Learn how to check a Wagner cast iron skillet for age, defects, and collectability. Before you purchase your first Wagner skillet, it’s a good idea to check the condition to ensure you’ll be happy with the purchase. Carefully inspecting the skillet also helps you avoid disappointment and makes using vintage ironware a lot more enjoyable.
Inspecting vintage cast iron pans and looking for faults could also prevent you from overpaying or help you negotiate a better price with the seller. And when you spot a bargain, you’ll be easily able to judge the condition of the pan so you can make a decision right there and then.
Table of Contents
- Inspecting a Wagner skillet
- Pans without the Sidney O marking
- Availability of Wagner skillets
- Conclusion: How to check a Wagner cast iron skillet
How To Check A Vintage Wagner Cast Iron Skillet
Choose Your Favorite Logo
Wagner changed the logo on their pans quite a few times over the years. Skillets with the stylized logo are popular and well-known. But there are older Wagner skillets with slight logo variations for you to find as well. Older skillets are less common, but it makes finding them so much more fun.
Is One Logo Better Than Another?
I wouldn’t fuss over looking for one logo over another. Sure, you want to keep an eye out for the elusive pie logo pans. But I think a lot of people regard the Wagner logos the same. With no strong preference for the early logos over the stylized Wagner logo.
So, I’d place more importance on the condition of the skillet and not on the type of logo on the back.
How To Inspect A Wagner Cast Iron Skillet
When you see a Wagner skillet, there are a couple of buying considerations. And I’m sure you can look beyond some of these faults if you see a bargain at a thrift store. But you might want to be choosy if the seller’s asking price s high. After all, there is plenty of vintage ironware around, and there’s no need to FOMO in at the first skillet you see.
Should I Buy A Rusty Wagner Pan?
I’m not sure if rust is negative or a positive when looking for vintage ironware. Sure, you’d like to find a Wagner skillet in excellent condition. But often, the best bargains can be found when the skillets are a little worse for wear.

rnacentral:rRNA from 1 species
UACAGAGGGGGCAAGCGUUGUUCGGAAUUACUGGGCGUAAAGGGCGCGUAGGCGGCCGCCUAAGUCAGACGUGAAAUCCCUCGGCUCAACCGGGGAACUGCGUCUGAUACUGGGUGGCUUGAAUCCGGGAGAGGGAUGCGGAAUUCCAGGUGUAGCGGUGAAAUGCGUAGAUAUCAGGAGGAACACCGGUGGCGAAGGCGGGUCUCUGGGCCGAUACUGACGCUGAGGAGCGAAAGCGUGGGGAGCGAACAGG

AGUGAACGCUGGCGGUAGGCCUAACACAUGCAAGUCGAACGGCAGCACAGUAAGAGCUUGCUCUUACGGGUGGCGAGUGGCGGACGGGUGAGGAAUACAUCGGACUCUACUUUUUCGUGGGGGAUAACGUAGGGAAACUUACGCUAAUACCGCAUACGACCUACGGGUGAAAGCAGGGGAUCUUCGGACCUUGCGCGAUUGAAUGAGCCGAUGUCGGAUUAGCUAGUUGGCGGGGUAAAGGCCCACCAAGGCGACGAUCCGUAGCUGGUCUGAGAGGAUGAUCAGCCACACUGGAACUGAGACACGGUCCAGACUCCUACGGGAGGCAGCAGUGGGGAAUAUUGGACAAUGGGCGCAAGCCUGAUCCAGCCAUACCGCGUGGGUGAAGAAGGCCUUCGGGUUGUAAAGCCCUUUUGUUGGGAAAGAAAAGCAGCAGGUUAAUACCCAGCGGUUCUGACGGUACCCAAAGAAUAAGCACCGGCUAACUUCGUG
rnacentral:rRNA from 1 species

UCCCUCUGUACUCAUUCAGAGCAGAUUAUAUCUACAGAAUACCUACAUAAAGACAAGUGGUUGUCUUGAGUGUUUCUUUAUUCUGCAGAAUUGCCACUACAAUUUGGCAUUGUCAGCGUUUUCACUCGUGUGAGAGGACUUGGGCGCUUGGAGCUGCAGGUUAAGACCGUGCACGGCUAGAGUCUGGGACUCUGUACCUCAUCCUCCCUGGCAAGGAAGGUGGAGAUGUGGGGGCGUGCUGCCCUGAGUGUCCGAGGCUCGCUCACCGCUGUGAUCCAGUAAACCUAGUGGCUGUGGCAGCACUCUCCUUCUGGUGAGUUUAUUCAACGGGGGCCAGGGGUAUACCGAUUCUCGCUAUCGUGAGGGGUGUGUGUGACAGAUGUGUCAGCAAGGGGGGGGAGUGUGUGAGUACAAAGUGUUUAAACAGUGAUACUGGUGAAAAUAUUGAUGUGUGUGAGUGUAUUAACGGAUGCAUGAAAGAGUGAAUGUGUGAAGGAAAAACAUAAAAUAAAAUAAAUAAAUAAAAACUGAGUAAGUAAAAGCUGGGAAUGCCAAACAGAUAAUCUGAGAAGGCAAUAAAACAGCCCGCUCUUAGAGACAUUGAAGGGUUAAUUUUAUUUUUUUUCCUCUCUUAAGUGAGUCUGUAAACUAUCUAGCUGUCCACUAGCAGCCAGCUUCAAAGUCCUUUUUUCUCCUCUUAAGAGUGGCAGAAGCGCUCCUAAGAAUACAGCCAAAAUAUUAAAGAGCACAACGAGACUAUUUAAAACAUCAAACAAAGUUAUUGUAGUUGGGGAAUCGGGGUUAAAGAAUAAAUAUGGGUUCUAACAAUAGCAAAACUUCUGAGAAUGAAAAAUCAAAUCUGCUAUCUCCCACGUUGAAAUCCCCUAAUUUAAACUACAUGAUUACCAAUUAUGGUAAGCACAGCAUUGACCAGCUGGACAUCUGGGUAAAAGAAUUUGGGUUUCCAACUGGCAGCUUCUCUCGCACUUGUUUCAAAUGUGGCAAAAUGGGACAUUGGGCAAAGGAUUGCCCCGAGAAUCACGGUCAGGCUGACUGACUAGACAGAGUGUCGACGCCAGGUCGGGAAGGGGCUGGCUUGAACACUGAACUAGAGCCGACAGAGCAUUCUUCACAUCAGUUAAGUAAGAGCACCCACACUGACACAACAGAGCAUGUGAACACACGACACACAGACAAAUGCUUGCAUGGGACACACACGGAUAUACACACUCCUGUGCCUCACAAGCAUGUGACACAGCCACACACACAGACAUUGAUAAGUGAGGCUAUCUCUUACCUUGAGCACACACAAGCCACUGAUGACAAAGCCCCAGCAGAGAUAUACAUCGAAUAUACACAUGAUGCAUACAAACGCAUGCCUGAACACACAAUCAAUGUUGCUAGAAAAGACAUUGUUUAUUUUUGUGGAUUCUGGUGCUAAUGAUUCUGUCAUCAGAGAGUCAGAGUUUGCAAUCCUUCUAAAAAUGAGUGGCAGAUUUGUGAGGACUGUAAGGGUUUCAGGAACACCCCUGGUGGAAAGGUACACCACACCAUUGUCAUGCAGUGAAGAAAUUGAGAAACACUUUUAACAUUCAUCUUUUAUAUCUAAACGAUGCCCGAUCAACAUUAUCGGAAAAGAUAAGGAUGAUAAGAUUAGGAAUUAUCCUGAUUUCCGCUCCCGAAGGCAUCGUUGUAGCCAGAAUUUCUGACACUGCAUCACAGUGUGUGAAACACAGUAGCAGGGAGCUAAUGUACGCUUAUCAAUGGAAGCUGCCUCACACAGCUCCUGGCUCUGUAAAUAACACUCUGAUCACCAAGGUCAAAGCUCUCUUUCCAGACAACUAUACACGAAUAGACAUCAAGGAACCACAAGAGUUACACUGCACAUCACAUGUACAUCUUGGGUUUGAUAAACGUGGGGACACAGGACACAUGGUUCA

If you are looking for your first pan, I completely understand you’d prefer one in good shape. But removing rust is not hard. And with a little time and effort, you can bring the pan back to its former glory. So I wouldn’t disregard a pan if it has a little surface rust.
Rust Can Hide A Much Larger Problem
I recommend not to hesitate if you see a rusty Wagner skillet at a great price. However, rust can hide hairline cracks. And unfortunately, it’s difficult to spot these cracks until you remove the rust. Even cast iron restorers that buy and sell cast iron regularly find it difficult to identify potential fractures in the cookware until they start cleaning the iron.
Check The Skillet For Cracks
If the pan does not have much rust, you’ll be able to check for cracks. Check the sides of the pan for fractures in the iron, particularly around the handle where the pan is under more stress.
Unfortunately, hairline cracks may not be noticeable from a glance. So time your time to inspect the pan. Understandably, the skillet will have little collectability if it has a crack. And it may pose a fire risk when cooking with oil.
Does Sulfur Pitting Affect Collectability?
Sulfer pitting on the base of the skillet will not affect the usability. I think it adds a character and highlights the fact you’re cooking with vintage cast iron.
However, sulfur pitting will reduce the desirability of the cookware. So if you’re thinking about getting into collecting Wagner Ware, this could be a consideration. Otherwise, I wouldn’t worry about the base. It’s only when the cooking surface has pitting I’d start to hesitate.